Mutual Funds

Time to poll-proof your portfolio

Aarati Krishnan | Updated on May 11, 2014



Some segments of the market have clearly partied too hard in this rally. Book profits in case the results pop the bubble

As we get closer to May 16, certain segments of the Indian market are reaching a fever pitch of optimism. Some may vehemently deny this. But when a tenth of the stocks in the CNX 500 double in seven months, mutual fund houses roll out a stream of new fund offers and IPOs of small theme-park operators attract a mad scramble from HNIs borrowing to invest, it is time to worry, even if only a little bit, about irrational exuberance.

But then, you may be told, the Indian market valuation, at a price-earnings multiple of about 18 times, is not really frothy. This valuation metric is fairly meaningless at this juncture, as stock prices in some cases are certainly factoring in the best-case scenario – a landslide victory for the NDA, a decisive majority for BJP and a flurry of instant reforms that pull infrastructure, realty, banks and a range of other cyclical sectors out of the quagmire.

If you own an equity portfolio and have just begun to look into its returns once again, this may be just the right time to take some profits, as even a mildly disappointing result may pop the bubble.

There are already signs of fatigue in some sections of the market. After pouring money ceaselessly into Indian stocks since September 2013, foreign institutional investor (FII) purchases of equities, which peaked at over $3.3 billion in March, waned to $1.59 billion in April and dwindled further to $0.24 billion in the first two weeks of May. Given that equity investing has only now begun to pay off after a long hiatus, we don’t recommend any panic moves, such as drastically cutting your equity exposure and moving into cash.

But you can capitalise on the more irrational aspects of this rally to clean up your portfolio.

Political heavyweights

One set of stocks which have been steadily bid up in this rally without much aid from fundamentals are those belonging to business groups with a supposed nexus with ‘winning’ political parties. Thus, trading giant and flagship of the Adani group, Adani Enterprises, is up 200 per cent and the beleaguered Adani Power up 46 per cent in the last seven months, even as the more fundamentally sound Adani Ports is a more modest gainer. If you own the first two, it may be best to take profits on the stocks while the going is good, as a fundamental improvement, even with political help, may be some way off.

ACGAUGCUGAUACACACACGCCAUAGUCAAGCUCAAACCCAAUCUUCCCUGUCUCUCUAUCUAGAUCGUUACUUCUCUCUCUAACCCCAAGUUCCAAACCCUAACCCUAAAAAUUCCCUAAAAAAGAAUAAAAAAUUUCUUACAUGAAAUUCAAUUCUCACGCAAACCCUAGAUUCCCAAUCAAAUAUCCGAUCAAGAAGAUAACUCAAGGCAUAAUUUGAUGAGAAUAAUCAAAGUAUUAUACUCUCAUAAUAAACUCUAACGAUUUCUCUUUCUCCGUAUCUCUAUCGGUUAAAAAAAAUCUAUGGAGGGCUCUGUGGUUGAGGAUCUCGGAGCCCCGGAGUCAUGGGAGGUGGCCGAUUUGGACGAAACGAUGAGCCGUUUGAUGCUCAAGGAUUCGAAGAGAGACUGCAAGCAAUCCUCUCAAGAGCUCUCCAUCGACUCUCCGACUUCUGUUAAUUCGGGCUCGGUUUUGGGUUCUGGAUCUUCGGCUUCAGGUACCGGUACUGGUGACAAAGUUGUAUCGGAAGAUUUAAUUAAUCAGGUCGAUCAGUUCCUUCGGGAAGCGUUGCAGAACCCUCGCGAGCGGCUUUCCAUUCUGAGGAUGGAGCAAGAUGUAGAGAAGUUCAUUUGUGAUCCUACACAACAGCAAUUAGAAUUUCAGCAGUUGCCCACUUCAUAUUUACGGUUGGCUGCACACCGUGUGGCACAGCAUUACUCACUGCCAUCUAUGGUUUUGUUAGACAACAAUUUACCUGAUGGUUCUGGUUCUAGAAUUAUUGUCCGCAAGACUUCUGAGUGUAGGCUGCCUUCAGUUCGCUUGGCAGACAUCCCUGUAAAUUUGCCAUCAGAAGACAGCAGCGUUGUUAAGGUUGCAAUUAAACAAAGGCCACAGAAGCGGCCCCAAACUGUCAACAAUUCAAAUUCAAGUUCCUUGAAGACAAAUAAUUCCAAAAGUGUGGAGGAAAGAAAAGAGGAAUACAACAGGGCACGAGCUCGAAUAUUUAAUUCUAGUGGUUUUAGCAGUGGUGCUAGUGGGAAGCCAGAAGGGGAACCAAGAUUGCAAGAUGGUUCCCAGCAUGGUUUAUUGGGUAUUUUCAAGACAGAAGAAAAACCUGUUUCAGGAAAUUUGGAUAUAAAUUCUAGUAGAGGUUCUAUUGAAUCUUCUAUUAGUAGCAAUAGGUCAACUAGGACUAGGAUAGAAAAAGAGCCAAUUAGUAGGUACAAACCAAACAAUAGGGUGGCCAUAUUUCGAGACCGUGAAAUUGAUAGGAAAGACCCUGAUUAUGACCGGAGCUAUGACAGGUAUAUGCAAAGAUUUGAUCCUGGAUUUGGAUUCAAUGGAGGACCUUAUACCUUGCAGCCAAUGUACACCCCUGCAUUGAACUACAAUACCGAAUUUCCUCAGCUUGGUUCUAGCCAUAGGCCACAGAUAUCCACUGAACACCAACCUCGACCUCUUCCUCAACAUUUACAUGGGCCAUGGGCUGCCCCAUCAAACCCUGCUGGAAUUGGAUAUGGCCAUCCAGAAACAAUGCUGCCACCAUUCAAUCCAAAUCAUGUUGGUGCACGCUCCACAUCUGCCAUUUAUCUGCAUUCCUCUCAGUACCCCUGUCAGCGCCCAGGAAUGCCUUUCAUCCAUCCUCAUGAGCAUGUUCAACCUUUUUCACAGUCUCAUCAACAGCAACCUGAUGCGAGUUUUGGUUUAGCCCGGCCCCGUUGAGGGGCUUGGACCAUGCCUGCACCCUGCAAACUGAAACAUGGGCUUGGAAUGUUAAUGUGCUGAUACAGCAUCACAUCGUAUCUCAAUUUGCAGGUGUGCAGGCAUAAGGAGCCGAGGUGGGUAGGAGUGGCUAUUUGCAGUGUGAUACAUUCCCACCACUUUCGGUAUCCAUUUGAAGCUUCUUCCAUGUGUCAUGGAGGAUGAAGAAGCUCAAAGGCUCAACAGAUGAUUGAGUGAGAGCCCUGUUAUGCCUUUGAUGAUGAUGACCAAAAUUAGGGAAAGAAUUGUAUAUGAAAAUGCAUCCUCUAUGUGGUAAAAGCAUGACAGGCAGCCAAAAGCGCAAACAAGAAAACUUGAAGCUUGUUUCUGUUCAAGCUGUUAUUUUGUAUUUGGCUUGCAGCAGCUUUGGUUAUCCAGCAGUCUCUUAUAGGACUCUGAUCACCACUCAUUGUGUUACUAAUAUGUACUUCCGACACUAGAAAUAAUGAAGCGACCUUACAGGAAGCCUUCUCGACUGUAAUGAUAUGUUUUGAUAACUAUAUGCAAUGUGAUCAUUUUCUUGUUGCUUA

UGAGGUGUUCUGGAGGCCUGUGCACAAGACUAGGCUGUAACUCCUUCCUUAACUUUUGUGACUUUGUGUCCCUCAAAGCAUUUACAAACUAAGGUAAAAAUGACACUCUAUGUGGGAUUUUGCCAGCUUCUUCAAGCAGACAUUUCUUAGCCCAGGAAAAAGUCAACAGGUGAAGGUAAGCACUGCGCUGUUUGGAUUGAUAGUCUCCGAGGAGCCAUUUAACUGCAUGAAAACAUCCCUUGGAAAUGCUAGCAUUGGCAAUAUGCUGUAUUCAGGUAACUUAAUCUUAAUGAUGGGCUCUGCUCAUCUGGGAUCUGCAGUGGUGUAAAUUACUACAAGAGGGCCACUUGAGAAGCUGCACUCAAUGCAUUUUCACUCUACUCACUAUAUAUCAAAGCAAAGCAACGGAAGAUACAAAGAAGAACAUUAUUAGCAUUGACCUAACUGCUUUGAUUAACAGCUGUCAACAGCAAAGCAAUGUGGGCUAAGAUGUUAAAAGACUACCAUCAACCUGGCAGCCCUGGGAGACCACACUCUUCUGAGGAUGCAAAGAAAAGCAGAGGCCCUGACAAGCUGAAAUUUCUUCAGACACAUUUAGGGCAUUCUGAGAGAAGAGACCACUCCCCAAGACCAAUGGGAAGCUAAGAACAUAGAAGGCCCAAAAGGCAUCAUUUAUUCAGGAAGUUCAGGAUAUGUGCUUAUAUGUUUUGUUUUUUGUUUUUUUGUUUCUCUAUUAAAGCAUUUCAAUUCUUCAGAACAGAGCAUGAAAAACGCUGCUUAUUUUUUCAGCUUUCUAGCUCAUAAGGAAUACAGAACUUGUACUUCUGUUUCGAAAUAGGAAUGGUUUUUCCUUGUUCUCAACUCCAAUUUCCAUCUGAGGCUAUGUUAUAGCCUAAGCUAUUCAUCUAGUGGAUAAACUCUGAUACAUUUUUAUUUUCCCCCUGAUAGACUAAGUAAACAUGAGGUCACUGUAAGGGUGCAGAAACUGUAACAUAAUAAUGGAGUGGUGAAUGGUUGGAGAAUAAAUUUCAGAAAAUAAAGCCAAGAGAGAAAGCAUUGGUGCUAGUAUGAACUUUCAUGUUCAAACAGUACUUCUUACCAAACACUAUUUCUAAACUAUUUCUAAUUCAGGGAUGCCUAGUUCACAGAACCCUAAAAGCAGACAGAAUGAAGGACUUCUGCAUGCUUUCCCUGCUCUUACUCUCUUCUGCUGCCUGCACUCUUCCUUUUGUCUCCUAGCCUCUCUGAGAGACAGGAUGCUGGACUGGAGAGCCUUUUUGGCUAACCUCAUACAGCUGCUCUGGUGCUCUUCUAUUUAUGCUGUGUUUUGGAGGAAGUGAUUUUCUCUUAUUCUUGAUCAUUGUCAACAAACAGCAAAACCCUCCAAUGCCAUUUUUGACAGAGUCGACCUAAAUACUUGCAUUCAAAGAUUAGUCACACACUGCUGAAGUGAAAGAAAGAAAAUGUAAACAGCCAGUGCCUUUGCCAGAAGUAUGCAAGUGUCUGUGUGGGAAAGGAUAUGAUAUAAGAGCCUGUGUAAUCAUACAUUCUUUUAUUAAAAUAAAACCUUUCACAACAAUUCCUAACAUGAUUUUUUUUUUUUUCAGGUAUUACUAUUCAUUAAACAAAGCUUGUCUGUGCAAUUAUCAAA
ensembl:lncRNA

While pharma stocks, as a class, may not be a ‘sell’ yet, Aurobindo Pharma’s 194 per cent gain certainly seems overdone. In the infrastructure space, the recent mad run is a good exit opportunity from politically connected names such as Ramky Infrastructure, Reliance Infrastructure or a BF Utilities.

Lightening up on all the stocks with ‘Gujarat’ in their name would also be a sound move.

Risky bet

Betting on the fact that the economic turnaround will coincide with falling interest rates (it is usually the opposite, rates are cut if the economy is sluggish), a whole group of highly leveraged companies and sectors have been massively re-rated. While it is conceivable that the economy may do better in 2014-15, there are absolutely no signs yet of a reversal in the interest rate cycle. Indeed, with the threat of poor monsoon, a US rate hike and a still shaky rupee, the RBI has given no hint of easing. This suggests that it is best not to bet your shirt on a dramatic turnaround in the fortunes of highly leveraged infrastructure, construction and realty names or even finance companies that are facing a margin squeeze. This suggests profit-taking in Simplex Infra, NCC, Aban Offshore, Suzlon Energy and the like.

De-risking moves

Even if you don’t want to make too many stock-specific calls, it may pay to generally reduce the risk you are carrying in your portfolio through a simple rejig.

Why not look at those segments of the market which are likely to be most vulnerable to an election anti-climax and reduce your exposure to them?

For one, reduce your exposure to small-cap stocks (under ₹1,000-crore market cap), which will carry high impact costs if FIIs exit. Two, stocks heavily owned by FIIs – banks, infrastructure and construction, steel and power — may be the ones to give way first. Three, within the so-called defensive sectors, hold on to large-cap IT stocks but do trim your holdings in the expensive FMCG and mid-cap pharma names.

Published on May 11, 2014

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